13. Ganapathy K, Wilkins M, Forrester A, Jones RC, Lemiere S. Protection and immune responses against virulent infectious bronchitis viruses in HVT-IBD recombinant or IBD-complex vaccinated broiler chicks. Abstract. 1st International Respiratory Disease Conference, Athens, United States of America, 2011; p15.

14. Lemiere S, Wilkins M, Forrester A, Jones R, Ganapathy K. Protection and immune responses against virulent infectious bronchitis (IB) viruses in herpesvirus turkey-infectious bursal disease (HVT-IBD) vaccinated broiler chicks. Poster presentation. XVIIth Congress of the World Veterinary Poultry Association, Cancun, Mexico, 2011.

15. Rautenschlein S, Lemiere S, Prandini F. Evaluation of the effects of an HVT-IBD vector vaccine on the immune system of layer pullets in comparison with two commercial live IBD vaccines. Abstract. XVIIIth Congress of the World Veterinary Poultry Association, Nantes, France, 2013; in-press.

16. Rosenberger JK, Cloud SS. Identification and characterization of variant infectious bursal disease variant viruses. Journal of American Veterinary Medicine Association, 1986;189:357.

17. Cheville NF. Studies on the pathogenesis of Gumboro disease in the bursa of Fabricius, spleen and thymus of the chicken. American Journal of Pathology, 1967;51:527-551.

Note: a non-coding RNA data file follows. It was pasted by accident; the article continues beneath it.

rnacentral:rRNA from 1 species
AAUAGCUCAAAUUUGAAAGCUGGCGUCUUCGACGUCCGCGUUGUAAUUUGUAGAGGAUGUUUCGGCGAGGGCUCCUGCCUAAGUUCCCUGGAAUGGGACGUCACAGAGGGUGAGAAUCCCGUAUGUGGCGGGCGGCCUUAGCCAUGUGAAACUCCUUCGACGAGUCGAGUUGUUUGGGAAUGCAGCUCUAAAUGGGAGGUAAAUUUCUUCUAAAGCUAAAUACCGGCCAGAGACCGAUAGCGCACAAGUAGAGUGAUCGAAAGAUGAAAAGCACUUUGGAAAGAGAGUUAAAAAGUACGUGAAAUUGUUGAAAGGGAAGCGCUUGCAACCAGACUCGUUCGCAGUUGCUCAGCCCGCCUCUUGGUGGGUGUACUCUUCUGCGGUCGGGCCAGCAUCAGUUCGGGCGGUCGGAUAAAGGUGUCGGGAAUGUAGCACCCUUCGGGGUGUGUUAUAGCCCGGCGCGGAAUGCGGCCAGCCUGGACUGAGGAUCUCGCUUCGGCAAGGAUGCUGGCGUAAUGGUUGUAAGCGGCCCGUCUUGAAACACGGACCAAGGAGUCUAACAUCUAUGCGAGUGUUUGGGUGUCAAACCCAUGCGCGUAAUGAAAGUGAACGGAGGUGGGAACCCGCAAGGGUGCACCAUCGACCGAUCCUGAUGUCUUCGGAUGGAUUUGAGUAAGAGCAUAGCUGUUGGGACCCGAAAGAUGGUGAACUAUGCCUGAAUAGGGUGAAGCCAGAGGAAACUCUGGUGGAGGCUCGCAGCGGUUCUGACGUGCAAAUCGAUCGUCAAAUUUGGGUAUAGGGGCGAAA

18. Le Gros F-X, Dancer A, Giacomini C, Pizzoni L, Bublot M, Graziani M, Prandini F. Field efficacy trial of a novel HVT-IBD vector vaccine for 1 day-old broilers. Vaccine, 2009;27:592-596.

19. Prandini F, Bublot M, Le Gros F-X, Dancer A, Pizzoni L, Lamichhane C. Assessment of the immune response in broilers and pullets using two ELISA lits after in ovo or day-old vaccination with a vectored HVT+IBD vaccine (VAXXITEK HVT+IBD). Zootecnica International, September 2008;40-50.

20. Lemiere S, Wong YS, Saint-Gerand AL, Goutebroze S, le Gros FX. Compatibility of Turkey Herpesvirus–Infectious Bursal Disease Vector Vaccine with Marek’s Disease Rispens Vaccine Injected into Day-Old Pullets. Avian Dis., 2011; 55:113-118.

21. Richard-Mazet A, Goutebroze S, Duboeuf M, Le Gros FX, Lemiere S, Bublot M. Compatibility of fowlpox-avian influenza and herpesvirus of turkey-infectious bursal disease vector vaccines injected in ovo to embryonated chicken eggs. Article. XVIIth Congress of the World Veterinary Poultry Association, Cancun, Mexico, 2011; p852-857.

22. Jay ML, Bizzini S, Duboeuf M, Goutebroze S, Le-Gros FX. Compatibility of a novel vector vaccine HVT-Gumboro with Newcastle and infectious bronchitis vaccination at one day of age. Abstract. 16th congress of the World Veterinary Poultry Association, Marrakesh, Morocco, 2009; p341.